The updated draft policy, although similar in scope to the previous policy, has undergone a few changes which will have an impact on some patients. The policy now specifies it is for people aged 16 and over. The treatment ‘endoscopic plica resection’, used to treat plica syndrome mentioned above, has been removed from the procedures that are funded. Treatment of ‘locked knee’ has now been stipulated and the ‘lateral release in patients with patellofemoral pain syndrome’ criteria (concerned with grinding of the knee) amended slightly, with the 6 month timescale no longer identified.
Does Male Circumcision still take place?
Male circumcision is the surgical procedure to remove all or part of the foreskin of the penis. It is a procedure that still takes place in order to prevent, diagnose and treat a medical condition such as infections and problems with the normal function of the foreskin, including during erections and intercourse. It is not and never has been available on the NHS for non-therapeutic purposes such as cultural, religious or cosmetic reasons
What changes have been made to the draft policy on Male Circumcision?
The draft updated policy continues to provide this procedure. It is broadly similar but identifies some additional circumstances/conditions when circumcision will be commissioned by the CCG, including traumatic injury, malignant lesions and congenital abnormalities, largely expanding on the ‘in the case of certain rare conditions identified by paediatric surgeons or urologists’ section of the original policy.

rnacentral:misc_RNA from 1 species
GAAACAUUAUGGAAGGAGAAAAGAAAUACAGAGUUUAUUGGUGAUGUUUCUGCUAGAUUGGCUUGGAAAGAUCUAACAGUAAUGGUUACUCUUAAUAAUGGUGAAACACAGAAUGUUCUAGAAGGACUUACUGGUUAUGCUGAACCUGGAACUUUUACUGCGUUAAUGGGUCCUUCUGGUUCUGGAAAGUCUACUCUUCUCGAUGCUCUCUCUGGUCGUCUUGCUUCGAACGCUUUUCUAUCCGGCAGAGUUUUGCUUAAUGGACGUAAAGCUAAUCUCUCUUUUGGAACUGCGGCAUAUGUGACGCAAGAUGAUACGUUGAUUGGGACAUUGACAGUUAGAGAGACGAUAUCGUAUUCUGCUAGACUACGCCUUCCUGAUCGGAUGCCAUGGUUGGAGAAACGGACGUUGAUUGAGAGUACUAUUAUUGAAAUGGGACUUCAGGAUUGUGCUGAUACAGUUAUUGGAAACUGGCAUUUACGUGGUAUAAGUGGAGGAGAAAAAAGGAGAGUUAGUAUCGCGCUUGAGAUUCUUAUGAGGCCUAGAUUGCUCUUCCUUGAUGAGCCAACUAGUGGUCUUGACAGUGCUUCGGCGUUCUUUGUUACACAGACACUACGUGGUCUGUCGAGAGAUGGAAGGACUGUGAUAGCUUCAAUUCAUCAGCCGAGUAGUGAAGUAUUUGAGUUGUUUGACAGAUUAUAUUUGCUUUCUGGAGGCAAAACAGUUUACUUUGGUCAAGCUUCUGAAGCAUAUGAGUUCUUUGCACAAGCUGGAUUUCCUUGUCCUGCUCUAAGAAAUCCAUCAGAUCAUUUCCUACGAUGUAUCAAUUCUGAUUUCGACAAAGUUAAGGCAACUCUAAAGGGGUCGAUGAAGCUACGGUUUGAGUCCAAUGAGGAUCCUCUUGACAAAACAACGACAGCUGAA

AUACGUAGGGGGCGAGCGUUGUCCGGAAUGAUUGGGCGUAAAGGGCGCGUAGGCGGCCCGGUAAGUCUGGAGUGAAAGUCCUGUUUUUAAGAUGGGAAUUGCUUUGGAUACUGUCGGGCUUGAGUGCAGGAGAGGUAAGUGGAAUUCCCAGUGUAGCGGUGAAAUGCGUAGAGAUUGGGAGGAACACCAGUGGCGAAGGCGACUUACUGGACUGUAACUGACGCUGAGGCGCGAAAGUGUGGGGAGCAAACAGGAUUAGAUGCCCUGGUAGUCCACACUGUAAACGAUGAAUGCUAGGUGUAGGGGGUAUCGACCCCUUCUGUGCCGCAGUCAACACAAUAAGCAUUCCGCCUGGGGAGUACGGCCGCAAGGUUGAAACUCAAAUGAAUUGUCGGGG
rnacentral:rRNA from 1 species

It is not anticipated that this will have any change to the service provided to patients.
Why was there no policy for insulin pumps and continuous glucose monitoring devices?
Although insulin pumps and continuous glucose monitoring devices have been around for a number of years they have now become more widely available and more accurate. They have also become more acceptable to both patients and clinicians. As a result it was felt appropriate that a policy, identifying the circumstances when the NHS would fund these devices and incorporating the latest clinical evidence and guidance, should be developed. This has led to the development of the new policy which, if adopted, would apply to all the CCGs in Lancashire.
Will diabetes insulin pumps and continuous glucose monitoring devices be available to anyone with diabetes?
No, the new policy identifies that these devices are only available for patients with Type 1 diabetes. In addition, various criteria must be met before the NHS in Lancashire will fund these devices for Type 1 diabetes. The purpose of these devices is to improve the control of diabetes in patients but many patients can satisfactorily control their diabetes using alternative means, without the need for these devices. Where this is the case funding would not normally be allowed.
Are insulin pumps and continuous glucose monitoring devices available for all ages?
Yes, the new policy permits the funding of these devices for all age groups, although different funding criteria apply to children below the age of 12, and different funding criteria also applies to children and young people between the ages of 12 and 18. If the various criteria are met the decision is still subject to patient choice (a patient may not want to use the device even if it is recommended) and to the patient complying with the use of the machine/device.